Digger Stanley began boxing professionally in 1899. In November 1903, he won the vacant British bantamweight title and in December of the same year he won the British flyweight title, but the titles were not recognised by the British Boxing Board of Control until 1909.
In October 1910, he fought Joe Bowker for the British and European bantamweight titles. He scored an eighth-round knockout to secure the titles. Stanley was also recognised by the National Sporting Club as the holder of the World bantamweight title, although he was not recognised as such in America.
In December 1910, he defended his British title against Johnny Condon, winning on points. In September 1911, he defended it again, against Ike Bradley, again winning on points.
In April and June 1912, he defended his European title twice against the Frenchman, Charles Ledoux. He won the first fight in Covent Garden on points, but lost the second fight in Dieppe, being knocked out in the seventh round.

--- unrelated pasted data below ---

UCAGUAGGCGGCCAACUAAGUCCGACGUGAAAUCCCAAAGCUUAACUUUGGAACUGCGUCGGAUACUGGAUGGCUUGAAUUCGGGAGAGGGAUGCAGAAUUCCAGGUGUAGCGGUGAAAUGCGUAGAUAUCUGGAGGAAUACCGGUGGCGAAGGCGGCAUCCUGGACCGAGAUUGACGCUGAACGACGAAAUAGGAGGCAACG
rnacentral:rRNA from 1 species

In October 1912, he successfully defended his British title against Alex Lafferty, winning on points.
In June 1913, he lost his British title to Bill Beynon, on points, but four months later he beat Beynon on points to regain it. However, in his next defence, in April 1914, he lost the British title to Curley Walker on a disqualification in the thirteenth.
He continued to box but had only ten more fights, losing eight of them and winning two.
He had his last fight in February 1919, losing to Mike Blake, and died a month later, in poverty.
He boxed professionally from 1899 to 1918 and in 86 bouts compiled a record of 56 - 21 - 7 with 2 no decisions. (British Boxing Year Book, 1988).